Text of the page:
I’m not the only one to have noticed those, there are multiple other issues with the programming guide that have been reported at the public forum: http://www.brtcommunity.com/index.php?topic=321

 

I understand that this may sound quite negative, but I mention it there in the hopes that it gets improved with time. That being said, I know how hard it is to write proper documentation, and to keep it up to date, so to me it’s great that all this is available, especially when considering that other displays systems do not even offer such a documentation.

 

Final thoughts

After having used the evaluation board for more than a month, I must say that I’m impressed by the ease of use that it provides. Having an onboard USB serial converter makes initial discovery a breeze, especially considering the plethora of demos. Sure, they could benefit from more detailed explanations, but they do provide the “wow” factor that is expected from them.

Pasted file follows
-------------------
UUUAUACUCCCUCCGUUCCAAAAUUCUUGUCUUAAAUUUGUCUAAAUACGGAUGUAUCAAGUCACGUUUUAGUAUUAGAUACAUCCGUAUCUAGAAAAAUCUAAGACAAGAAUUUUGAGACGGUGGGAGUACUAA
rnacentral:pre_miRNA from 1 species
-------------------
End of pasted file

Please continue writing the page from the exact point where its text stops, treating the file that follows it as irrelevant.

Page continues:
The price of the evaluation board itself, around 130€, may seem a bit steep, especially from a hobbyist/maker point of view. But this is a large board with a limited production and quite a lot of functionality on it: LVDS, USB power, USB Serial, Audio, Backlight LED voltage bias along with a plethora of connectors.

 

The chip itself is more reasonably priced at around 5€ and needs roughly 5€ of additional components if you are targeting an RGB TFT display. This is quite impressive when considering that it handles the display, the sound and touch interactions inside the same device. Note that it is near impossible to find a module that only contains the BT817 with connectors for interfacing a TFT display. Rather, the chip is embedded in a larger solution like what Riverdi offers with its screens that already embed it. This means the chip price is blended in the screen cost and you barely notice it.